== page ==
How to Make Bath Salts
Every bath salt mixture starts with the most important ingredient: salt. You may think there is only one choice for salt, but there are many different options for you to choose from. Some people like to make their salts using just one salt, but most like to mix and match salts to give their mixture a variety of textures. You can choose from Epsom salt, sea salt, Dead Sea salt, Solar Salt. Many of these salts are known to have medicinal properties. However, do use use regular table salt as it is drying to the skin.
In a large glass or metal bowl, stir together…
2 cups Epsom Salt or Dead Sea Salt – or 1 cup of each
1-2 teaspoons of baking soda, if desired (often used as a skin softener.)
10-12 drops of essential oil or fragrance oil (if using mint essential oils, use only 5 – 8 drops)
You can also add a few drops of food coloring and mix well to incorporate the color. Keep the colors light to avoid discoloration of the tub and white wash cloths.
After you have stirred the salt really well, allow to sit for about 20 minutes (it allows to moisture to settle out) then pour into glass jars and attach lids.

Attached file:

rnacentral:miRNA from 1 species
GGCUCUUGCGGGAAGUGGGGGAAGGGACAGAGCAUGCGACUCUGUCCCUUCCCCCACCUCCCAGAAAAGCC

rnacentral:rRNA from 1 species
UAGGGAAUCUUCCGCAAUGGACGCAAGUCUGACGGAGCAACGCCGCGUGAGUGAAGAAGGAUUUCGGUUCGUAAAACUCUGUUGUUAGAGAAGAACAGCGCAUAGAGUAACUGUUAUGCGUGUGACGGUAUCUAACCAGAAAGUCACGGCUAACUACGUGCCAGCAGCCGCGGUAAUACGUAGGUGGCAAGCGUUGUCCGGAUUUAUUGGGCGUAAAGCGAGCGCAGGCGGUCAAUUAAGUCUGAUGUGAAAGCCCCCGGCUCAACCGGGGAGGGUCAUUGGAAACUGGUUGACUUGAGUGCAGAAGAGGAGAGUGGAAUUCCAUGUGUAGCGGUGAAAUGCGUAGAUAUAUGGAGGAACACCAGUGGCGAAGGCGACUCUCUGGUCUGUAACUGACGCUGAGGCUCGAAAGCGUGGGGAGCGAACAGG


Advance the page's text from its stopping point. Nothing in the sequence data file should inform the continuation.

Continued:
Bath Salts are easy and flexible. For a bath oil type bath salt, add 5 to 10 drops of carrier oil (such as sweet almond oil, olive oil, macadamia nut oil, etc.) to the salt mixture and stir well. To add shea butter to bath salts, melt first and pour a small amount into a finer ground salt such as Epsom and stir well. Add other salts, stir again, then add scent and stir.
Botanicals such as lavender buds, rose petals or calendula petals can also be added to bath salts for their properties and to create a more attractive blend. Just be sure to use a strainer when draining the bath tub to avoid clogging the drain.
Popular types of salts for making bath salt
Dead Sea Salt
Dead Sea salts differ from other sea salts in mineral content and is probably the most popular ingredient used by bath salt makers. Dead Sea Salts are known to reduce pain and inflammation from arthritis and rheumatism. The high mineral count is credited with cleansing and detoxification of the skin.
Other Names: Magnesium Sulfate
Epsom Salt isn’t actually salt. It Epsom salt is a pure mineral compound of magnesium sulfate in crystal form, so it has the appearance of salt. But it has no sodium chloride. Often used because it sooths aches and pains.